problematic for some: (3, Insightful)

nimbius (983462) | about 5 years ago | (#29052383)

read: if you didnt shit in a marble toilet this morning and start the day trying to figure out which of your sedans to drive to the office, you may find this chips introduction "problematic" from a pricing standpoint.

Re:problematic for some: (1)

ByOhTek (1181381) | about 5 years ago | (#29052783)

With $1000 enthusiast CPUs, the price isn't horrible by comparison.

Still, you can get Intel CPUs that'll run at similar clock speeds for similar prices (except use more electricity), and right now, Intel has the performance/clock ratio advantage over AMD.

So I wouldn't call it /expensive/ in the grand scheme of things, it's just not that impressive either.

Re:problematic for some: (4, Interesting)

PitaBred (632671) | about 5 years ago | (#29053649)

The thing is, it's the value proposition of AMD that's attractive... the motherboards are cheaper, and you can upgrade incrementally with them. You don't have to get a whole new system to upgrade. The AM3 chips fit into the AM2+ sockets, the AM3 chips are compatible with DDR2 RAM as well as DDR3...

Re:problematic for some: (2, Interesting)

Tubal-Cain (1289912) | about 5 years ago | (#29053847)

I could, but I can't justify it to myself. Replace a whole PC, and you can do something useful with the old one. Replace a part.... this RAM is still perfectly good, but I can't do anything with it.

Re:problematic for some: (2, Informative)

MBGMorden (803437) | about 5 years ago | (#29053017)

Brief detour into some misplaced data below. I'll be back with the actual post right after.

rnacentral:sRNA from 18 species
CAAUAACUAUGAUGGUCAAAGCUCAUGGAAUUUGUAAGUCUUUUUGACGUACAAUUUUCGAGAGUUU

Are you kidding? It wasn't THAT long ago that $245 bought you a budget CPU, and plenty of people without "marble toilets" had computers back then. Yes, it costs a bit more than the $50 budget chips that are available now, but I think you're exaggerating the impact of the price here. It's not that bad . . .

Re:problematic for some: (1)

sgt scrub (869860) | about 5 years ago | (#29053739)

drive? myself? Oh it was supposed to be a +1 funny post. Sorry.

is this for desktop or server ? (1)

C0vardeAn0nim0 (232451) | about 5 years ago | (#29052421)

if it's a server class part, i think they'd do better emulating sun's T2 part. 8 multi-thread cores, a single FPU unit shared by all cores and some logic to improve encryption and networking. this with x86 support would give Xeon a run for it's money.

now, as a desktop part, i think it's idiotic as hell. a low power chip with a decent software stack to offload certain proccessing tasks - like video and audio encoding - to the GPU (wich they also make) would do much better in terms of performance per watt.

but then, none of those options would serve as silicon penile extension, right ? no bragging rights like "dude, i just got a quad-core, 3.4 megahurtz chip! duuude !"

Re:is this for desktop or server ? (3, Funny)

Flea of Pain (1577213) | about 5 years ago | (#29052745)

Wait what? This also serves as a penile extension??!!?? I"ll take 3!

Re:is this for desktop or server ? (1)

sgt scrub (869860) | about 5 years ago | (#29053761)

It better extend it more than 3 times, even at that price!

This is midrange? (2, Insightful)

Lord Byron II (671689) | about 5 years ago | (#29052471)

How is a $245, quad-core chip considered mid-range?

Re:This is midrange? (5, Interesting)

SkankinMonkey (528381) | about 5 years ago | (#29052555)

Have you seen Intel's pricing? Can't get a decent solution from them including a motherboard for under 500 whereas I just recently built a full Phenom II computer for about 400 (including hard drive). I'm not convinced that Intel is really interested in mid-ranged computing.

Re:This is midrange? (1)

beelsebob (529313) | about 5 years ago | (#29052875)

You suck at pricing up intel kit, you can get a Core2Quad Q9550 and mobo for about $300, or an i7 920 for $350.

Re:This is midrange? (1, Informative)

nobodylocalhost (1343981) | about 5 years ago | (#29053323)

huh? what planet do you live on to pay 350 for i7 920? i paid $199 for mine, given it was on a sale, but normal price for 920 are in the low 200 usd range.

here is a link:
http://www.microcenter.com/single_product_results.phtml?product_id=0302727 [microcenter.com]

Re:This is midrange? (2, Informative)